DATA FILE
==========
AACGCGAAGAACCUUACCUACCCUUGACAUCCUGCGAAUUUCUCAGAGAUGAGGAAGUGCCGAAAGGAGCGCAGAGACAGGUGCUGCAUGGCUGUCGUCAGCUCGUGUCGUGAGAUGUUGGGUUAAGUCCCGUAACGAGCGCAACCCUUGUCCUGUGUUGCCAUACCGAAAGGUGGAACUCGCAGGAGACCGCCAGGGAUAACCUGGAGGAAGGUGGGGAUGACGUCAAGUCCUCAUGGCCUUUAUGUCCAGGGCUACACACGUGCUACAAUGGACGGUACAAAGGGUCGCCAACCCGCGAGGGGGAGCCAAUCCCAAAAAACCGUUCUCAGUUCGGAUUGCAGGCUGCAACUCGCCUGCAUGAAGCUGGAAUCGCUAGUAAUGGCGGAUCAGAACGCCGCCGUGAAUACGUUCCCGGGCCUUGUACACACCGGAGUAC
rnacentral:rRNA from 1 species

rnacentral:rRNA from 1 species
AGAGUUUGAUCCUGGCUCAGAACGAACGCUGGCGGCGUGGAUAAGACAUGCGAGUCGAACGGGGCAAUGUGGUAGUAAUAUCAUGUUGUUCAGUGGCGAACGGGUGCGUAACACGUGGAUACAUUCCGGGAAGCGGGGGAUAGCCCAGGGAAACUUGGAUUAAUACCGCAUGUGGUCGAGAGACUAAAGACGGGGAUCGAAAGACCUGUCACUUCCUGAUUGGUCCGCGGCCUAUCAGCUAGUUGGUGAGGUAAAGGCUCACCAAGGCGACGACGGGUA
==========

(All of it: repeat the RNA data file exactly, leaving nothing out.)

AACGCGAAGAACCUUACCUACCCUUGACAUCCUGCGAAUUUCUCAGAGAUGAGGAAGUGCCGAAAGGAGCGCAGAGACAGGUGCUGCAUGGCUGUCGUCAGCUCGUGUCGUGAGAUGUUGGGUUAAGUCCCGUAACGAGCGCAACCCUUGUCCUGUGUUGCCAUACCGAAAGGUGGAACUCGCAGGAGACCGCCAGGGAUAACCUGGAGGAAGGUGGGGAUGACGUCAAGUCCUCAUGGCCUUUAUGUCCAGGGCUACACACGUGCUACAAUGGACGGUACAAAGGGUCGCCAACCCGCGAGGGGGAGCCAAUCCCAAAAAACCGUUCUCAGUUCGGAUUGCAGGCUGCAACUCGCCUGCAUGAAGCUGGAAUCGCUAGUAAUGGCGGAUCAGAACGCCGCCGUGAAUACGUUCCCGGGCCUUGUACACACCGGAGUAC
rnacentral:rRNA from 1 species

rnacentral:rRNA from 1 species
AGAGUUUGAUCCUGGCUCAGAACGAACGCUGGCGGCGUGGAUAAGACAUGCGAGUCGAACGGGGCAAUGUGGUAGUAAUAUCAUGUUGUUCAGUGGCGAACGGGUGCGUAACACGUGGAUACAUUCCGGGAAGCGGGGGAUAGCCCAGGGAAACUUGGAUUAAUACCGCAUGUGGUCGAGAGACUAAAGACGGGGAUCGAAAGACCUGUCACUUCCUGAUUGGUCCGCGGCCUAUCAGCUAGUUGGUGAGGUAAAGGCUCACCAAGGCGACGACGGGUA